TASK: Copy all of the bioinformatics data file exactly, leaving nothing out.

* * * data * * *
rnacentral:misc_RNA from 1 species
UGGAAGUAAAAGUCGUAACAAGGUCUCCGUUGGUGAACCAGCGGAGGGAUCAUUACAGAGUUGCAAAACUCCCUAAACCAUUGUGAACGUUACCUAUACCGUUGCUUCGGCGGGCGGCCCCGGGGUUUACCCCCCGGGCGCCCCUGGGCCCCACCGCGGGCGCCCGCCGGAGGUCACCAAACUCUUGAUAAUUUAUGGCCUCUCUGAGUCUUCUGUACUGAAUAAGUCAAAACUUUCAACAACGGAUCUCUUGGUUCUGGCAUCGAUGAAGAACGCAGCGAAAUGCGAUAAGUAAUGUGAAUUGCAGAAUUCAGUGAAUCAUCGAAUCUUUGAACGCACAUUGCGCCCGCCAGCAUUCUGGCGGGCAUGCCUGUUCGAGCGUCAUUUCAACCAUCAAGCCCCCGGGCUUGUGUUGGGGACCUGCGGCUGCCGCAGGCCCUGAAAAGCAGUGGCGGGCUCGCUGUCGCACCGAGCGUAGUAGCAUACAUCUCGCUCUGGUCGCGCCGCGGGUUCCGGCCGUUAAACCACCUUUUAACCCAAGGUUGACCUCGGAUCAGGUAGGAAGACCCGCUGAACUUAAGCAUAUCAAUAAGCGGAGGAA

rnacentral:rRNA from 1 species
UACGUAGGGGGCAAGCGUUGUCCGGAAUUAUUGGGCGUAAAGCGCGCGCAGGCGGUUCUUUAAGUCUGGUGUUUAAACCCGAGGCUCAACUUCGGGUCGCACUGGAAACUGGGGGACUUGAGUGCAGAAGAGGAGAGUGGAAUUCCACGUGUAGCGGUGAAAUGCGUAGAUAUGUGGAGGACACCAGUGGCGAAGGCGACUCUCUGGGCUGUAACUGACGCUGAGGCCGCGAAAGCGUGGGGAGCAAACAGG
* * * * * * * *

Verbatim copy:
rnacentral:misc_RNA from 1 species
UGGAAGUAAAAGUCGUAACAAGGUCUCCGUUGGUGAACCAGCGGAGGGAUCAUUACAGAGUUGCAAAACUCCCUAAACCAUUGUGAACGUUACCUAUACCGUUGCUUCGGCGGGCGGCCCCGGGGUUUACCCCCCGGGCGCCCCUGGGCCCCACCGCGGGCGCCCGCCGGAGGUCACCAAACUCUUGAUAAUUUAUGGCCUCUCUGAGUCUUCUGUACUGAAUAAGUCAAAACUUUCAACAACGGAUCUCUUGGUUCUGGCAUCGAUGAAGAACGCAGCGAAAUGCGAUAAGUAAUGUGAAUUGCAGAAUUCAGUGAAUCAUCGAAUCUUUGAACGCACAUUGCGCCCGCCAGCAUUCUGGCGGGCAUGCCUGUUCGAGCGUCAUUUCAACCAUCAAGCCCCCGGGCUUGUGUUGGGGACCUGCGGCUGCCGCAGGCCCUGAAAAGCAGUGGCGGGCUCGCUGUCGCACCGAGCGUAGUAGCAUACAUCUCGCUCUGGUCGCGCCGCGGGUUCCGGCCGUUAAACCACCUUUUAACCCAAGGUUGACCUCGGAUCAGGUAGGAAGACCCGCUGAACUUAAGCAUAUCAAUAAGCGGAGGAA

rnacentral:rRNA from 1 species
UACGUAGGGGGCAAGCGUUGUCCGGAAUUAUUGGGCGUAAAGCGCGCGCAGGCGGUUCUUUAAGUCUGGUGUUUAAACCCGAGGCUCAACUUCGGGUCGCACUGGAAACUGGGGGACUUGAGUGCAGAAGAGGAGAGUGGAAUUCCACGUGUAGCGGUGAAAUGCGUAGAUAUGUGGAGGACACCAGUGGCGAAGGCGACUCUCUGGGCUGUAACUGACGCUGAGGCCGCGAAAGCGUGGGGAGCAAACAGG